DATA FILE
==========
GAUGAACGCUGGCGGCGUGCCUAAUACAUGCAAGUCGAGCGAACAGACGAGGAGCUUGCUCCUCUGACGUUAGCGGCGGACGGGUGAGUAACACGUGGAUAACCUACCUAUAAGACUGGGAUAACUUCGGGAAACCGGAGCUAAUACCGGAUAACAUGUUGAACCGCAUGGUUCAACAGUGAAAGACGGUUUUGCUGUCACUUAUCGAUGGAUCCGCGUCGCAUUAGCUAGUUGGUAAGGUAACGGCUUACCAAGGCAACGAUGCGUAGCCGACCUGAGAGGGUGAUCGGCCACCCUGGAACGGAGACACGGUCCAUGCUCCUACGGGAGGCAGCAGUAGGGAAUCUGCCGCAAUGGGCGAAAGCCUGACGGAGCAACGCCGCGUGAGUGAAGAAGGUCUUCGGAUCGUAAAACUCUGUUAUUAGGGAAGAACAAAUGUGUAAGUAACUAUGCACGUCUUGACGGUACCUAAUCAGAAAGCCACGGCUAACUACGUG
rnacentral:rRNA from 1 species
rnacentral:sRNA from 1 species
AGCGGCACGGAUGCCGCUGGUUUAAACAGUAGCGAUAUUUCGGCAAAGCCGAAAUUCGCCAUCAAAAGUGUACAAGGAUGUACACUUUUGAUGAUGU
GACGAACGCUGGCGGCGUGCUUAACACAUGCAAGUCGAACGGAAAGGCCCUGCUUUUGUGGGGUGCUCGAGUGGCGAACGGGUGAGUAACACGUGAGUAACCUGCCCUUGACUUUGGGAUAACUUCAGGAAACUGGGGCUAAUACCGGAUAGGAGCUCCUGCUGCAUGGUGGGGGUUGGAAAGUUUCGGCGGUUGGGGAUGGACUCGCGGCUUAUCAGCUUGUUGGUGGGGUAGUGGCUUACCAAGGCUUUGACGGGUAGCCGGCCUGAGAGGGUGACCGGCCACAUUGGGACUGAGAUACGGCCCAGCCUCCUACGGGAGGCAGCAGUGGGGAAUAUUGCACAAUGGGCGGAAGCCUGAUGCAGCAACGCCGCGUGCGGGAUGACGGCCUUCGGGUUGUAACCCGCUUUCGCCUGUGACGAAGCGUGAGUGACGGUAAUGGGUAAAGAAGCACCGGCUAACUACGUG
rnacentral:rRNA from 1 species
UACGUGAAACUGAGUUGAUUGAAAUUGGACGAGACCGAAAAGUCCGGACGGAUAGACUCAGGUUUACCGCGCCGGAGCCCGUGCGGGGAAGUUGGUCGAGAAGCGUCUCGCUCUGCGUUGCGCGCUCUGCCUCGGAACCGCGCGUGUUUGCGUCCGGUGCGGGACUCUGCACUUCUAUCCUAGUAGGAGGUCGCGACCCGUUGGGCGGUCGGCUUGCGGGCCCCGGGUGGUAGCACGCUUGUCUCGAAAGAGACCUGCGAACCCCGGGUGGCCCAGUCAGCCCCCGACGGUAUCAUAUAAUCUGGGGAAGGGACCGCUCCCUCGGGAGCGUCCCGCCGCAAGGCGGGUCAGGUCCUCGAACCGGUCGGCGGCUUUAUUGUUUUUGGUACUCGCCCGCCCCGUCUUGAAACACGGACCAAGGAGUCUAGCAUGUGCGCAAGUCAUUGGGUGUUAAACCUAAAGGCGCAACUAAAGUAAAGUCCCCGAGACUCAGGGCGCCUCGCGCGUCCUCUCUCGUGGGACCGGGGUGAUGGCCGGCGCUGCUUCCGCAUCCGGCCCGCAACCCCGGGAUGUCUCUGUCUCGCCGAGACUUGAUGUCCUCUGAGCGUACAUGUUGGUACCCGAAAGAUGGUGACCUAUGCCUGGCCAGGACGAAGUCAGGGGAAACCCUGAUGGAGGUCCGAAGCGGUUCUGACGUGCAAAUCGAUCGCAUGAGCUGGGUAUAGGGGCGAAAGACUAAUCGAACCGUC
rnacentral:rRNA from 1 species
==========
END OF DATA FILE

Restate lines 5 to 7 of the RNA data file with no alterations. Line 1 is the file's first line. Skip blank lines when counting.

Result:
GACGAACGCUGGCGGCGUGCUUAACACAUGCAAGUCGAACGGAAAGGCCCUGCUUUUGUGGGGUGCUCGAGUGGCGAACGGGUGAGUAACACGUGAGUAACCUGCCCUUGACUUUGGGAUAACUUCAGGAAACUGGGGCUAAUACCGGAUAGGAGCUCCUGCUGCAUGGUGGGGGUUGGAAAGUUUCGGCGGUUGGGGAUGGACUCGCGGCUUAUCAGCUUGUUGGUGGGGUAGUGGCUUACCAAGGCUUUGACGGGUAGCCGGCCUGAGAGGGUGACCGGCCACAUUGGGACUGAGAUACGGCCCAGCCUCCUACGGGAGGCAGCAGUGGGGAAUAUUGCACAAUGGGCGGAAGCCUGAUGCAGCAACGCCGCGUGCGGGAUGACGGCCUUCGGGUUGUAACCCGCUUUCGCCUGUGACGAAGCGUGAGUGACGGUAAUGGGUAAAGAAGCACCGGCUAACUACGUG
rnacentral:rRNA from 1 species
UACGUGAAACUGAGUUGAUUGAAAUUGGACGAGACCGAAAAGUCCGGACGGAUAGACUCAGGUUUACCGCGCCGGAGCCCGUGCGGGGAAGUUGGUCGAGAAGCGUCUCGCUCUGCGUUGCGCGCUCUGCCUCGGAACCGCGCGUGUUUGCGUCCGGUGCGGGACUCUGCACUUCUAUCCUAGUAGGAGGUCGCGACCCGUUGGGCGGUCGGCUUGCGGGCCCCGGGUGGUAGCACGCUUGUCUCGAAAGAGACCUGCGAACCCCGGGUGGCCCAGUCAGCCCCCGACGGUAUCAUAUAAUCUGGGGAAGGGACCGCUCCCUCGGGAGCGUCCCGCCGCAAGGCGGGUCAGGUCCUCGAACCGGUCGGCGGCUUUAUUGUUUUUGGUACUCGCCCGCCCCGUCUUGAAACACGGACCAAGGAGUCUAGCAUGUGCGCAAGUCAUUGGGUGUUAAACCUAAAGGCGCAACUAAAGUAAAGUCCCCGAGACUCAGGGCGCCUCGCGCGUCCUCUCUCGUGGGACCGGGGUGAUGGCCGGCGCUGCUUCCGCAUCCGGCCCGCAACCCCGGGAUGUCUCUGUCUCGCCGAGACUUGAUGUCCUCUGAGCGUACAUGUUGGUACCCGAAAGAUGGUGACCUAUGCCUGGCCAGGACGAAGUCAGGGGAAACCCUGAUGGAGGUCCGAAGCGGUUCUGACGUGCAAAUCGAUCGCAUGAGCUGGGUAUAGGGGCGAAAGACUAAUCGAACCGUC